Gavin Aina - damaging property, six weeks imprisonment to start from sentencing date of May 10, 2021;
Daniel Allen - prison mutiny and damaging property, sentenced to 28 months consecutive to sentence serving;
Anthony Bulmer - prison mutiny, damaging property, failing to surrender to court/police, sentenced to four years and eight weeks jail term consecutive to sentence serving;
Jamal Ferguson - prison mutiny, sentenced to three-and-a-half years consecutive to minimum term;
Malhi Ferguson - prison mutiny, sentenced to three-and-a-half years consecutive to minimum term;
Kenny Garcia - prison mutiny and damaging property, sentenced to 32 months consecutive to sentence serving;
Jamal Green - damaging property, sentenced to nine months consecutive to minimum term;
Owen Lane – prison mutiny and damaging property, sentenced to 30 months consecutive to extended sentence;
Marcus McIntosh - prison mutiny, sentenced to two-and-a-half years consecutive to sentence serving;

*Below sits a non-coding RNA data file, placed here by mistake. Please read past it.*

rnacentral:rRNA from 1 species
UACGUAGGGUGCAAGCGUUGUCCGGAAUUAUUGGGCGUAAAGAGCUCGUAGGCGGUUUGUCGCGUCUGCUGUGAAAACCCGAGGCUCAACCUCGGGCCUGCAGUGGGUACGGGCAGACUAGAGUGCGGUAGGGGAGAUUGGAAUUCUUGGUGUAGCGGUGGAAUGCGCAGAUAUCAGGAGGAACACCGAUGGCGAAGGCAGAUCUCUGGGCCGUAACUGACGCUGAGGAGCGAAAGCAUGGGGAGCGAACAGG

Marvin McLean - prison mutiny and damaging property, still to be sentenced, no sentencing date as of yet;
Mohammed Mohammed - prison mutiny, sentenced to three-and-half years, consecutive to sentence serving;
Marcus Moore - prison mutiny and damaging property, sentenced to three-and-a-half years consecutive to extended sentence;
Louis Quatre - prison mutiny, damaging property and criminal damage, sentenced to two years consecutive to sentence serving;
Samuel Simone - prison mutiny, sentenced to two-and-a-half years consecutive to sentence serving;
Colin Weeding - prison mutiny and damaging property, sentenced to 18 months consecutive to sentence serving;
John Woodfield - prison mutiny and damaging property, sentenced to 30 months consecutive to sentence serving.